Friday, October 28, 2011 | Posted by: Mike Hyland
Categories: Personal, Protecting your wealth | Tags: tax, tax planning, HNWIs, income tax, pensions, retirement, tax relief, Mike Hyland, minimise, high earners, higher rate taxpayer, pension, James Temperley, pension series, pensions changes, income drawdown, flexible drawdown, annuity, capped drawdown, 50% tax
A common reason clients give for not wishing to contribute to pensions are the restrictions on how and when they can access their pension benefits after retirement. From April this year there is a new option for such retirees. Flexible drawdown, as the name suggests, will give individuals much more freedom as to how they take their pension benefits.
What was wrong with annuities and pension drawdown?
Up until April 2011, individuals reaching retirement had two main options for their pension fund: use it to purchase an annuity (a guaranteed income for life) or, if they wish their funds to remain invested beyond retirement, enter income drawdown.
An annuity pays a fixed or rising regular income for the remainder of the individual’s life (and possibly beyond). Income drawdown is more flexible in that the individual can choose how much income they wish to receive each year, although this is still subject to a cap at roughly the same income level as an annuity would provide.
Neither of these options allow for a significant proportion of the pension fund to be withdrawn at any one time.
What has changed?
Individuals who qualify for flexible drawdown are able to draw unlimited amounts from their pension fund. This means that the entire fund could be withdrawn over the course of a year or two if desired.
While clearly this will not be appropriate for many – not least because of the high potential tax rate if all of the income is lumped into one or two tax years – it does make your pension options much more flexible and means that income levels can be adapted to suit the peaks and troughs of your personal expenditure. Furthermore, it facilitates some interesting inheritance tax planning opportunities.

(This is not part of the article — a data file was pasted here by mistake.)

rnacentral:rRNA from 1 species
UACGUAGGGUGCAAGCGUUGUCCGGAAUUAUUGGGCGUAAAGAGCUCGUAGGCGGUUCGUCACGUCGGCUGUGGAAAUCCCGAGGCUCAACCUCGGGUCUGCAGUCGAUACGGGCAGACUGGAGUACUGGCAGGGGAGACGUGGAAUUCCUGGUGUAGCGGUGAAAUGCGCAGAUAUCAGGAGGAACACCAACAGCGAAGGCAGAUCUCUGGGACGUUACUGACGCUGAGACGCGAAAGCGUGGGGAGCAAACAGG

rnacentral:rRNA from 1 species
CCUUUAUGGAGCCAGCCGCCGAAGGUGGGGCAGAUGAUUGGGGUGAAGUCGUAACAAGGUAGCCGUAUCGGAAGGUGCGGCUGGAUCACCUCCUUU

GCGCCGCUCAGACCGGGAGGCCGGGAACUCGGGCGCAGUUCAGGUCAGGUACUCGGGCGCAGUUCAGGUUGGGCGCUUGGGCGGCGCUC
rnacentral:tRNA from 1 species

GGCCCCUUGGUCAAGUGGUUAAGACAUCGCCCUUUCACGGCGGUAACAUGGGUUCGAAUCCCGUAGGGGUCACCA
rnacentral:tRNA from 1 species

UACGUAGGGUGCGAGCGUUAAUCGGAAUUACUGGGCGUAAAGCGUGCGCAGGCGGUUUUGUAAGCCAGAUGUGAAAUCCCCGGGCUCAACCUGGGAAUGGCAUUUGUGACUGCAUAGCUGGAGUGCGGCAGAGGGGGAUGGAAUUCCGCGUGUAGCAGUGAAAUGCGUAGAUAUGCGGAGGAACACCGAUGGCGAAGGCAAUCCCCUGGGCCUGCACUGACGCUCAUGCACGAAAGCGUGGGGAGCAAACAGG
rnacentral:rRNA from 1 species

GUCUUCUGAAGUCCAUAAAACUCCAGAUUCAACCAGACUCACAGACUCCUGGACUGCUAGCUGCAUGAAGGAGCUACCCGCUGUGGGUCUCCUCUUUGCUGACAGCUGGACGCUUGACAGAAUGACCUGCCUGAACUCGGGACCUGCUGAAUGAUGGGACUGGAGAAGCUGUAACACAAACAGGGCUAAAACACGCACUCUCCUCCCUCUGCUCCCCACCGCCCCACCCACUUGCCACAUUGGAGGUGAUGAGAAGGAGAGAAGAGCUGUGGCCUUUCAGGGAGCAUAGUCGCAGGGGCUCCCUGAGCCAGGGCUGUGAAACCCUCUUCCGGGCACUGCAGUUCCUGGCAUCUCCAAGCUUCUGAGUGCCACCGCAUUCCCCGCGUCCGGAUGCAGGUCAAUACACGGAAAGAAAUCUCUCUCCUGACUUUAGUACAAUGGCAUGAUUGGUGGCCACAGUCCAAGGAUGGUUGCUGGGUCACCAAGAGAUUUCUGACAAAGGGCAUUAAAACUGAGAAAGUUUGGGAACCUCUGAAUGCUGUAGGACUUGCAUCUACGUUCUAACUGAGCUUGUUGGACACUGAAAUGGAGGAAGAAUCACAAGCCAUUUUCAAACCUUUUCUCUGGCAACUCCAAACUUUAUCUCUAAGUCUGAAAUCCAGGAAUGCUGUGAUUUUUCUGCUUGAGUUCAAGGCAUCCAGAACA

How am I taxed?
Individuals choosing flexible drawdown will be able to take a tax-free lump sum of 25% of their fund, subject to the normal pension rules. Thereafter, all funds withdrawn from the pension fund will be taxed as pension income (ie the same as an annuity or under income drawdown).
Do I qualify?
Since the Government is keen for us to be prudent with respect to our retirement, you will find it unsurprising that you have to meet several conditions before you’ll be allowed the possibility of withdrawing all of your fund in one fell swoop.
The major requirement is that you must have secured pension income of £20,000 a year, not including potential income from the pension fund which you wish to enter flexible drawdown. This could be from any combination of occupational pensions (broadly you are allowed to count income from schemes where there are more than 20 members), pension lifetime annuities and state pensions. In addition, no further contributions can be made by you, or on your behalf, to a defined contribution scheme in the tax year in which a flexible drawdown payment is taken, and you must no longer be accruing benefits under any final salary schemes.
The bottom line
While flexible drawdown is not for everyone, it is a welcome additional option for many individuals. We would recommend that advice is taken in deciding whether flexible drawdown is for you and in planning for future income withdrawals to ensure that these are as tax efficient as possible and that your pension fund lasts as long as you wish it to.
Pension planning series written by Mike Hyland, Assistant Tax Manager, and James Temperley, Chartered Financial Planner.
Image: © Danielle Scott
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